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9to5to9: When mom’s right to insist

Submitted by on Sunday, 5 October 2008 No Comment

Last August, I didn’t give Reticent Kid’s soccer career more than a week, two max.

He cried through the first practice. Second practice there weren’t as many tears, but he pretty much was epoxied to his mom for the hour.

He cried through the first game. Even when he was playing goalie, which is the favorite position of reticent young’uns, because they get what to do. That and the goal makes a great pretend tent/fort/castle if you’re tired of watching everyone run away from you.

The second game, he protested a bit before standing gamely in at goalie. His mom stayed near him, offering reassurance.

And by the end of the game, he had a huge smile.

How’d you do that? I asked his mom.

Told him he could have a Slurpee after the game if he’d give it a try, she smiled. I, of course, am morally opposed to bribes. Unless they work.

In this case, it did.

This year, Reticent Kid’s taking charge at goalie, played solid defense in … oh, whatever that position is called that stands near the goalie … and chasing the ball down field on offense. He clowns with Big Guy during warm-ups and sold me some of the most putrid flavors of candy canes imaginable when he wasn’t playing last week. I was relieved they weren’t real.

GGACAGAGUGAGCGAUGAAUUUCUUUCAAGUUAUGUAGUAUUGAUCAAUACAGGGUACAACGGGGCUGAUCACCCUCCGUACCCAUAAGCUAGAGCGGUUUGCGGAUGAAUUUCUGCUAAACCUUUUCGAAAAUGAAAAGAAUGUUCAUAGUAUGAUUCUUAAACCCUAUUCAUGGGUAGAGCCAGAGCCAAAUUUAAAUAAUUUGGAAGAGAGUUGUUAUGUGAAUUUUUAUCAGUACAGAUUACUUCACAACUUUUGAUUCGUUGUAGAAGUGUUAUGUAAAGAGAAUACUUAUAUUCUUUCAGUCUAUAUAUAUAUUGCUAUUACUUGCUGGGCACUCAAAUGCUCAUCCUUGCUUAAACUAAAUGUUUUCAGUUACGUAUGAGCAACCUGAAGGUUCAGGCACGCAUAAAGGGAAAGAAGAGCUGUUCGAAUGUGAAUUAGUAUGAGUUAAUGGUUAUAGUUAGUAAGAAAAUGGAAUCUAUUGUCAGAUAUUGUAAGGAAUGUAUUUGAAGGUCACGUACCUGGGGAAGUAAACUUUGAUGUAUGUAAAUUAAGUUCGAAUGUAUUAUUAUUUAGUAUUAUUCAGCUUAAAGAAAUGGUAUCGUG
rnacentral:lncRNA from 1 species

Thus completing a 180 that never would have happened had his mom not insisted.

What!? Force a kid to play sports. Why, that’s just wrong. Even the Mayo Clinic says so.

Letting kids play organized — if you can call under 6 soccer organized — sports at all is controversial, with some insisting that parents do it to live vicariously through their kids or in a wrong-minded attempt to mold a future superstar.

A 2001 study put the average age for starting team play at 6. Big Guy and Reluctant Kid were 4 their first season.

So was I on a pathetic mission to compensate for my own uncoordinated childhood? And was Reticent Kid’s mom trying to make sure he lands on the 2026 World Cup team?


In my case, Big Guy had been begging for a year, every since he and I played soccer on an adjoining baseball field when we went to an older cousin’s games.

In Reticent Kid’s case, his mom knew he would enjoy playing once she got past a certain level of knee-jerk resistance I know so well. That’s why I was relieved to see Big Guy’s sandals die this week. It saves me the trouble of prying them off his feet around Thanksgiving.

Reticent Kid wasn’t the only crier last season either. One girl sullenly stomped at goalie and refused to run past midfield early in the season, but she finished the year all smiles, too.

So here’s to Reticent Kid’s mom and all the other parents in the world who force their kids to do something. Except let’s not call it “force” — that’s so pejorative. Let’s call it “persuading by steady insistence and the occasional bribe.”

There, of course, comes a time when “steady insistence” can cross over into force, and I don’t believe in bludgeoning kids for months on end to do something that clearly makes them miserable. Unless it’s their homework.

Reticent Kid’s mom was right a year ago, both in her steady insistence and in Slurpee therapy.

A year later, his goofy grin proves that every Saturday.

Copyright 2008 Debra Legg. All rights reserved.

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